Successful Business Owners who are smart in their field may have a brain lapse in an area they know very little about and succumb to a smooth talking marketeer.
It is easy for Business Owners to fall foul of unscrupulous marketeers offering to sell their businesses (eg via magazines, to overseas buyers, at inflated prices etc).
It is also easy to avoid the pitfalls.
If you are selling your business after many years of working in and on it, it makes sense to choose the right advisor/broker by taking a few simple steps:
1. Eliminate the marketeers via research
Research online the names of any prospective advisory firms coupled with the name of your local consumer protection agency. In Australia, it is the ACCC.
This simple step alone will rule out the firms the regulators have already caught up with!
You’d be surprised to know that they still operate, some with changed names, and STILL catch people EVERY DAY!
It’s exasperating to reputable operators to have to follow behind a marketeer after the Business Owner has sunk $000s into a black hole and, even more critically, has lost 1–2 years before they realise nothing is going to happen!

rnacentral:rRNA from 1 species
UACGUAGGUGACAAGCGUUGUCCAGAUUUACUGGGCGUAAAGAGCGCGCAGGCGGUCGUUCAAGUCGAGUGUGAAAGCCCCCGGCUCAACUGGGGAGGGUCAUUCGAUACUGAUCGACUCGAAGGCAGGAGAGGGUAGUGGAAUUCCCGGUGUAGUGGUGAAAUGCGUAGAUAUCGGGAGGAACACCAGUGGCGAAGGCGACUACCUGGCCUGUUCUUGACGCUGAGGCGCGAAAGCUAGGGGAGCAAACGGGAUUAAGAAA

2. Ask your trusted business advisor
This normally means your accountant. They are usually dealing with M&A advisory firms in the course of their careers advising their clients. If they don’t know a reputable M&A advisory firm, they can easily tap into their business networks to find one or more.
3. Contact the firm and talk to an advisor
Ask them to send their information through explaining what size and type of businesses they sell and how they do it.
4. Look for answers to these key questions:
- Does the firm have a record of successful transactions of comparable size?
- Are the key advisors suitably qualified and experienced?
- Will the advisor personally oversee the project?
- Does the firm understand, respect and manage client confidentiality?
- Does the firm hold the appropriate licences?
- How does the firm source target purchasers?
- Will the firm professionally present the business opportunity?
- How well does the firm communicate with clients?
- How well does the firm cooperate with other professional advisors?
- Will the firm provide an indicative valuation before the client commits?
- Does the firm manage the full process to completion?
5. Understand your target market
Bearing in mind that 95% of businesses have fewer than 10 employees and only 5% are likely to be $M+ businesses, you need to choose a firm that handles either the 95% or the 5%, depending on where your own business sits. This is very important as they are marketed in very different ways.
Click here to access the Business Valuation Tool to find out an indicative value of your business.